Nowadays, as the retail market has become very competitive, expensive and risky, distributors have become very choosy and brands with no retail in Asia find it increasingly difficult to penetrate the market. They first need to prove to stakeholders that their retail model is sustainable, or else find it very hard to convince a partner to invest in their retail. This is especially true in the fashion, accessories and jewellery industries, less so in design and cosmetics.
In general, brands that have developed a retail network in Europe, but which are not yet present in Asia have right now some rare opportunities to take locations that in other times would be impossible to grasp. Brands with no retail presence whatsoever, have no chances at all.
In any case developing a retail presence in Asia, indirect or direct as it may be, requires a very strong back-office, a perfect supply chain, a sophisticated marketing and PR strategy, an innovative product, an excellent customer service, a pricing strategy, a flexible mindset. All this requires large investments anyway, and any brand needs to be aware of this or else it’s doomed in Asia.

Given your expertise, what is the secret behind companies being able to achieve customer service levels similar to the Asian market?
In Asia, retail encompasses the full customer experience from start to end. It consists of brand awareness, sophisticated and innovative marketing communications, an efficient supply chain and impeccable customer service. To remain relevant in a fast-changing retail environment, a constantly updated product, an international and dynamic management team and the ability to adapt to each socio-economic context is also crucial for success.
Asian customers are very technological, young, in a continuous evolution of tastes and preferences, and few brands are able to keep up to these changes. Even big luxury brands have had problems in the last few years to understand and adapt to an ever changing customer, let alone the smaller brands that do not have such large resources. Brands then need to keep listening to the market, never stop to criss-cross Asia, never take things for granted, they need to be open and flexible. Those companies that learn to operate this way will always be successful with their customer service.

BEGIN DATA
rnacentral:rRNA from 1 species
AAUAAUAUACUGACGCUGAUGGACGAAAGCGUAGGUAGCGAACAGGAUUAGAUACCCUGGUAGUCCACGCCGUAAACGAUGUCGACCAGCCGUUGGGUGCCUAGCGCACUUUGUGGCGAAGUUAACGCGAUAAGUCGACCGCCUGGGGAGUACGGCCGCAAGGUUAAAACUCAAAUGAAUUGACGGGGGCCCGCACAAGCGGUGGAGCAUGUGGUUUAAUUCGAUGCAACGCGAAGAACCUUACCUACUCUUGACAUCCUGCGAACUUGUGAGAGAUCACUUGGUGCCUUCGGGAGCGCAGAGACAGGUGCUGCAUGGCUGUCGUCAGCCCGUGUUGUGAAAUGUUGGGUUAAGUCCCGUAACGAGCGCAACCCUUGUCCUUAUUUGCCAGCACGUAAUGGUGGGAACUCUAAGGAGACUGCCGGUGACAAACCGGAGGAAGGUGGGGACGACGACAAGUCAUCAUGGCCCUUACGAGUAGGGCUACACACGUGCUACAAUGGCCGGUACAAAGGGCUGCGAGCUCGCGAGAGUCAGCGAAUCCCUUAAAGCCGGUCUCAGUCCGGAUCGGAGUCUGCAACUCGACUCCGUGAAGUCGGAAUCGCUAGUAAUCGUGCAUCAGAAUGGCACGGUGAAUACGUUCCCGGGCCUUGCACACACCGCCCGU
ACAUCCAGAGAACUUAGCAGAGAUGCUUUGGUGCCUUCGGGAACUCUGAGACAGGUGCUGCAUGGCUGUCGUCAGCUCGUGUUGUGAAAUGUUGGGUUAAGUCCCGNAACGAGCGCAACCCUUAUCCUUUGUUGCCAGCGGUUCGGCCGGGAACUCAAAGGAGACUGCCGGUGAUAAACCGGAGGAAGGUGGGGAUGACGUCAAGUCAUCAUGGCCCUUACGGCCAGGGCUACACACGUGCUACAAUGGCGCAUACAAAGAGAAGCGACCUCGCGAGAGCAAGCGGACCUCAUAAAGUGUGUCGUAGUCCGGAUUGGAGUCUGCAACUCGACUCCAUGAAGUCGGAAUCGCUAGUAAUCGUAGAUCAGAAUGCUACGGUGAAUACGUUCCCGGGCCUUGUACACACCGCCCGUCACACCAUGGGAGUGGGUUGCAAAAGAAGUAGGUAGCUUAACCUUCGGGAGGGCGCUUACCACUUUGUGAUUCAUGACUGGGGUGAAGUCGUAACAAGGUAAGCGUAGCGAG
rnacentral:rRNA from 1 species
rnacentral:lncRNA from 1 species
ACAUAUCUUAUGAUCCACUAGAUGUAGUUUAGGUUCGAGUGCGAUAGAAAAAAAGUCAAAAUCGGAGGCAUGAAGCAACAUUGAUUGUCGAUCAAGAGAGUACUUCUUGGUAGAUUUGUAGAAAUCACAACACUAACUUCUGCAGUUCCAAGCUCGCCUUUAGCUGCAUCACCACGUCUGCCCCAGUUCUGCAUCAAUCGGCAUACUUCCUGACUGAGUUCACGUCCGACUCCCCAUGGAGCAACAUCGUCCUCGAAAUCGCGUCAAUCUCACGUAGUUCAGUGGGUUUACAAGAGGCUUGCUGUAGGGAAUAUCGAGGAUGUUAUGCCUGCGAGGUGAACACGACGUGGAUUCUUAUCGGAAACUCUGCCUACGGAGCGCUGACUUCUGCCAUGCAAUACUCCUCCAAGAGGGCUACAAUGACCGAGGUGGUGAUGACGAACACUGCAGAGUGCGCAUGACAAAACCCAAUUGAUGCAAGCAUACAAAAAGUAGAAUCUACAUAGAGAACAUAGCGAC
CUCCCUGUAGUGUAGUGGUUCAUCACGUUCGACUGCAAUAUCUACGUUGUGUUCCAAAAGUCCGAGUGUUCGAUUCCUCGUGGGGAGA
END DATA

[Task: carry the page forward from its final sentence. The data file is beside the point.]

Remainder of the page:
Do you believe that creating limited edition or capsule collections dedicated to the Asian markets may be part of the success in bridging West and East?
I fully believe in Asia exclusive collections! Especially with this rising trend among luxury retail brands like Gucci, Fendi, Longchamp, consumers and millennials of today are always on the lookout for sought-after exclusive novelty drops which are unavailable everywhere else in the world. Delving deeper into exclusivities, many brands are banking on this ‘exclusive’ opportunity for social media and e-commerce platforms in China, especially with mobile being the largest digital channel now.

In November this year, Texere Advisors is organising a retail conference in Milan. Tell us more about it.
“Retail in Asia 2018”, that will take place in Milan on November 19th, wants to share with the participants our experience in Asia.
Generally, organisers invite very prestigious businessmen with multi-billion-euro brands to address their luxury or retail conferences. As a matter of fact, these speakers have nothing or little to do with the vast majority of their peers, normally companies with turnovers anywhere between 20 and 100/150 million euros, with different dynamics and ambitions.
Our retail conference wants therefore to address the remaining 95% of brands, that share the same difficulties when tackling the Asian market, sometimes simple and yet crucial issues that can make a big difference, such as negotiation techniques, cultural sensitivities, communication gaps, lack to attention to details…
Two distinct panel discussions, the former consisting of owners of small and medium successful Italian brands, the latter of prominent Asian retailers, will explore the approach European entrepreneurs should consider when negotiating with prospective Asian partners. Interviewed by a TV journalist with remarkable professional experiences in Asia, Asian and Italian panelists will dialogue and share their experiences and expectations, thus ideally replicating a real discussion that you may witness around a negotiating table between two parties.
The conference actually answers a demand, which is often hidden, for practical know-how and operational best practices discussed by business owners who have a direct and personal experience in Asia, and retailers that every day choose and select those brands that “deserve” to be represented in their retail spaces, or are not able to make it.
Your readers are warmly invited to attend the conference, and are free to visit our website here.

See original article: CPPLuxury, 3 October 2018